Judy Rodman - All Things Vocal Blog

Training & insights for stage and studio singers, speakers, vocal coaches and producers from professional vocal coach and author of "Power, Path & Performance" vocal training method.

Wednesday, November 19, 2008

TMJ issues affecting the voice

I got a great question emailed to me recently concerning TMJ issues and the voice. Here is the email:
Thank you for writing this blog and all the great information you provide.
I have a vocal problem, and I can't seem to find an answer. Hope you can help.

I have been singing all my life, and have had proper instruction on how to sing, warm-ups etc. However, the last couple years I've been experiencing some strange vocal issues.
First it started w/ me losing my voice easily, and not having power. In the last year it has progressed to having trouble recalling melodies and having trouble singing on key. 

I've been to two different ENT doctors and they said my vocal cords were fine. I've also seen chiropractors and an Alexander Technique Instructor. This has helped SOMEWHAT w/ the vocal power, but I'm still experiencing issues w/ singing on key and recalling melodies.

I should note that I have TMJ disorder. Can this affect a nerve near the ear and cause this sudden tone-deafness? Please help.
According to the medical website DiagnoseMe.com, TMJ sufferers sometimes do report diminished hearing.

But I also believe that a TMJ problem can cause a singer to stop truly listening and AIMING at pitch, especially if there is a ringing in the ears (tinnitus) to conflict with the tones you want to accurately hit.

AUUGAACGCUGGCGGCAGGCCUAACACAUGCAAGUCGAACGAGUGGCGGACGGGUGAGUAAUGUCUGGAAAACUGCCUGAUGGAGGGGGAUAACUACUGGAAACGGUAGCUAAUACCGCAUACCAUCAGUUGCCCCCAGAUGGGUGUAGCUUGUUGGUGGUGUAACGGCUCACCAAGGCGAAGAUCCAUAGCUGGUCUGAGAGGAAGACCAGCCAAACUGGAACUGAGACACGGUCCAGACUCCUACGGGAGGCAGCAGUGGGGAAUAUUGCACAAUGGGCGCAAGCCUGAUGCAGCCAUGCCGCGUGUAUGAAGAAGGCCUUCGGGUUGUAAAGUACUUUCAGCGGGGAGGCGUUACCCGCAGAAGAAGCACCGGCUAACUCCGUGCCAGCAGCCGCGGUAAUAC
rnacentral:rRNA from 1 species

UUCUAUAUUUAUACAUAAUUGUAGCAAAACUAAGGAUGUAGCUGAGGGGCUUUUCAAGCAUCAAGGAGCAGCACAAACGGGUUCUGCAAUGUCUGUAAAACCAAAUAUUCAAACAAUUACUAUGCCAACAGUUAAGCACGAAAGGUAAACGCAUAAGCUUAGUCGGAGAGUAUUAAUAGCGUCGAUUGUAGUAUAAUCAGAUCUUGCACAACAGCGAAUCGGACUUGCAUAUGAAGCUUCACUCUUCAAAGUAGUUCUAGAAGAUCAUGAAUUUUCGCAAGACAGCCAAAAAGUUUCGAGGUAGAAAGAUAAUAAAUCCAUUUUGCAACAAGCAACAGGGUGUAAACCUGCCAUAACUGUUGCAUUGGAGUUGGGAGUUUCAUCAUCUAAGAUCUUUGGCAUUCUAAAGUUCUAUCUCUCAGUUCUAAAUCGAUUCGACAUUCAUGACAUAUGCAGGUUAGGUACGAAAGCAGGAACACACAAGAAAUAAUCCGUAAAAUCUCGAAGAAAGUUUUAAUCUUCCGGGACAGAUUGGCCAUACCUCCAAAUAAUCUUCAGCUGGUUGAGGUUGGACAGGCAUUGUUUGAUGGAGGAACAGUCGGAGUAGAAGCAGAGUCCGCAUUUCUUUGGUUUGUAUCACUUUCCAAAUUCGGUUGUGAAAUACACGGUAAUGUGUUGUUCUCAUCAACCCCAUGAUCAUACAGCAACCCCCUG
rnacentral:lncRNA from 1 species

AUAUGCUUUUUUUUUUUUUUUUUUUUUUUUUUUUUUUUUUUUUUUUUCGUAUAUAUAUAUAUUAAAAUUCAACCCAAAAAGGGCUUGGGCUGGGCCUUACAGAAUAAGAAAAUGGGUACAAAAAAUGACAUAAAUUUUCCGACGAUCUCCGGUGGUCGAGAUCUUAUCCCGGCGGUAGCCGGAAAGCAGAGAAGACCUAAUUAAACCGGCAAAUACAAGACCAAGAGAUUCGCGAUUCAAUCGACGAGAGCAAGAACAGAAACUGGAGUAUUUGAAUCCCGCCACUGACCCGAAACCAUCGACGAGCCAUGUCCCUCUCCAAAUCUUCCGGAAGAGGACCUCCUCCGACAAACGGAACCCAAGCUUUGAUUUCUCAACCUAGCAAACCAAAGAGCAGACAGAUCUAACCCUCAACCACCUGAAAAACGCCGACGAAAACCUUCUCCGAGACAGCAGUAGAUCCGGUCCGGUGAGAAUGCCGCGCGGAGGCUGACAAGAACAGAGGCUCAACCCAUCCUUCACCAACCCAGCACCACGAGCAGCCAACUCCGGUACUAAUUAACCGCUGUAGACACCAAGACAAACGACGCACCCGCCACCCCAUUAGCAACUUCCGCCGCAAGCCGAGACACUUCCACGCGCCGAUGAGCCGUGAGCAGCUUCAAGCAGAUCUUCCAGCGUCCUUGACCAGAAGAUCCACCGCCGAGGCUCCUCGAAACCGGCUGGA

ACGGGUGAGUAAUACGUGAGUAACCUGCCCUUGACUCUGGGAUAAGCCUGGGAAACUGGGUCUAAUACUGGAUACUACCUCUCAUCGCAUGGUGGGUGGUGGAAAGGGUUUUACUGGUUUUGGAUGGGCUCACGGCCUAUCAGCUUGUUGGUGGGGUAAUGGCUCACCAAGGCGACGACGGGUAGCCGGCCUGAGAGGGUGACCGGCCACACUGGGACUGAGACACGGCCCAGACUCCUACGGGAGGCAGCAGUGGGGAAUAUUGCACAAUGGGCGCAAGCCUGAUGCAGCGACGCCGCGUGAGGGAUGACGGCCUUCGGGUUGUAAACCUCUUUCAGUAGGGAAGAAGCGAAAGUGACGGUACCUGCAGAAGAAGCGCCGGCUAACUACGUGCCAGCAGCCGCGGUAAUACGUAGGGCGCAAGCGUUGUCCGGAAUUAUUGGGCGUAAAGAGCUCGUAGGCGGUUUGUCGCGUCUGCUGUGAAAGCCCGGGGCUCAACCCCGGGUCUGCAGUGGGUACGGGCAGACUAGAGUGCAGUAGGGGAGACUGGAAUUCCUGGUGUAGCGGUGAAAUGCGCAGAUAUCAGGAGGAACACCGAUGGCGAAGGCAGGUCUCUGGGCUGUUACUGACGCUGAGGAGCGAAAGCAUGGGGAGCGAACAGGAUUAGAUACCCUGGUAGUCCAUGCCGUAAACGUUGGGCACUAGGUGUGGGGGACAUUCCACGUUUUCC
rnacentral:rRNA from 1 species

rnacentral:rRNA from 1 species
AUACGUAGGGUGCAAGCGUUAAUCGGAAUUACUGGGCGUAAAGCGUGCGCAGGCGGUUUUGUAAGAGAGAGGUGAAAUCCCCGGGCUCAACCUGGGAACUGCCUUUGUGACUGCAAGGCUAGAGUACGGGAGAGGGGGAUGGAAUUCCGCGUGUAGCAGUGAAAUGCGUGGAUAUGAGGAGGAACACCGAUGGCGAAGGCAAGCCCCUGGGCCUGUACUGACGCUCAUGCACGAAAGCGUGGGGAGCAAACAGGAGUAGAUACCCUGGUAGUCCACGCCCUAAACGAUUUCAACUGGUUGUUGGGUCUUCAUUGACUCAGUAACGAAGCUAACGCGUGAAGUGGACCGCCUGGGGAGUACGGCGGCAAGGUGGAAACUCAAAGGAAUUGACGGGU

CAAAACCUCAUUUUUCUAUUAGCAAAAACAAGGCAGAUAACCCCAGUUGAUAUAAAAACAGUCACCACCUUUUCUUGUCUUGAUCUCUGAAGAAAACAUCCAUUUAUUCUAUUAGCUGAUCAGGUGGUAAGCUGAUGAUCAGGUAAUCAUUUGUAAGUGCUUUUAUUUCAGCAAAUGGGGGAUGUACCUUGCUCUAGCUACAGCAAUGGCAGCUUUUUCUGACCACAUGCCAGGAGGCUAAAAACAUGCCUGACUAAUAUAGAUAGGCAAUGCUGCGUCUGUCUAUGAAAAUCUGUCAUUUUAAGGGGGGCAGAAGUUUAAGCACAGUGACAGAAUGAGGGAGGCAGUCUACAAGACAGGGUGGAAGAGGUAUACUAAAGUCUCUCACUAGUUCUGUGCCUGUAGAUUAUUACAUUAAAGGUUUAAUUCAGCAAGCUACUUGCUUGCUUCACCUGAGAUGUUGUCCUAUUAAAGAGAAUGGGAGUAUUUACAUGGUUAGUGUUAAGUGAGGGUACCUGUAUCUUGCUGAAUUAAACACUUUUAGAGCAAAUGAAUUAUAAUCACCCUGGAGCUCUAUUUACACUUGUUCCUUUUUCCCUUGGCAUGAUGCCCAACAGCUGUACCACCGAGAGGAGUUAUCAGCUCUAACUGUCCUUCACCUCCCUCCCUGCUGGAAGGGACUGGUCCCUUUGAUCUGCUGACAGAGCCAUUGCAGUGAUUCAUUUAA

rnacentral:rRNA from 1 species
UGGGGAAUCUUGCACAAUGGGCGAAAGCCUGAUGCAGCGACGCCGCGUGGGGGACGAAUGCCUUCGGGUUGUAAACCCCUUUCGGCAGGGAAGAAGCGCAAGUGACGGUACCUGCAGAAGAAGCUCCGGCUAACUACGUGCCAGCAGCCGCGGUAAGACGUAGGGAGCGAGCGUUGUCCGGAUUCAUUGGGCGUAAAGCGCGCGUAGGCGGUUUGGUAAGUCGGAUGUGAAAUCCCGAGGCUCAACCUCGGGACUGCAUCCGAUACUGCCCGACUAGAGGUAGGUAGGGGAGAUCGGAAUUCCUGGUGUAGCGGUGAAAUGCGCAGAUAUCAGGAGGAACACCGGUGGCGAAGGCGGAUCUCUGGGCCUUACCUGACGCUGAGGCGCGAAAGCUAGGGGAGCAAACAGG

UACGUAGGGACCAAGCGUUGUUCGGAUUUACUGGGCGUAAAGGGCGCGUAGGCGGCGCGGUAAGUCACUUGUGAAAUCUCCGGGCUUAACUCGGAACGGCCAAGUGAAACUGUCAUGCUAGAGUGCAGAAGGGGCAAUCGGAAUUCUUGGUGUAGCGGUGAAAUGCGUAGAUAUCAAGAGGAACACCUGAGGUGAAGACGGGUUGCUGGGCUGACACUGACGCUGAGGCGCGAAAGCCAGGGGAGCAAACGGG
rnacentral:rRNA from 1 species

To deal with this, you obviously need to address TMJ solutions, but it's also important to get back to some pitch practice with a trusted coach.

There are many factors which can contribute to TMJ (temporal mandibular joint) syndrome. The TMJ Association website lists possible contributing factors such as jaw injuries, Arthritis, dental procedures, genetics, hormones, infections, auto-immune diseases, over-stretching of the jaw such as when being intubated, and clenching or grinding of the teeth. 

When I was a staff-singer at a jingle company in Memphis, I once had a terrible bout with TMJ. It was so bad I had to open my mouth before they turned the mic on so my jaw wouldn't cause a clicking sound! In my case, it was caused mostly by a new tooth filling -too high- which caused me to grind my teeth to try and close my bite. It was cured by the dentist filing the filling down for a better fit,  a mouth guard to stop my night-time grinding and a short-term course of prescription muscle relaxer to relax my jaw. Whew!

Not all causes are known. Sometimes, with singers, I think it's a case of which comes first, the chicken or the egg? Tight jaw contributes to tight throat. Tight throat will cause a tight jaw which is trying (tensing) desperately to articulate.

And as I said, other physical and psychological issues a singer is dealing with can often take the attention away from aiming at pitch, and indeed, affect memory. If the problems persist, have them checked out by a medical professional and/or a personal vocal coach you trust. The voice holds many mysteries, but the secrets can usually be unlocked.

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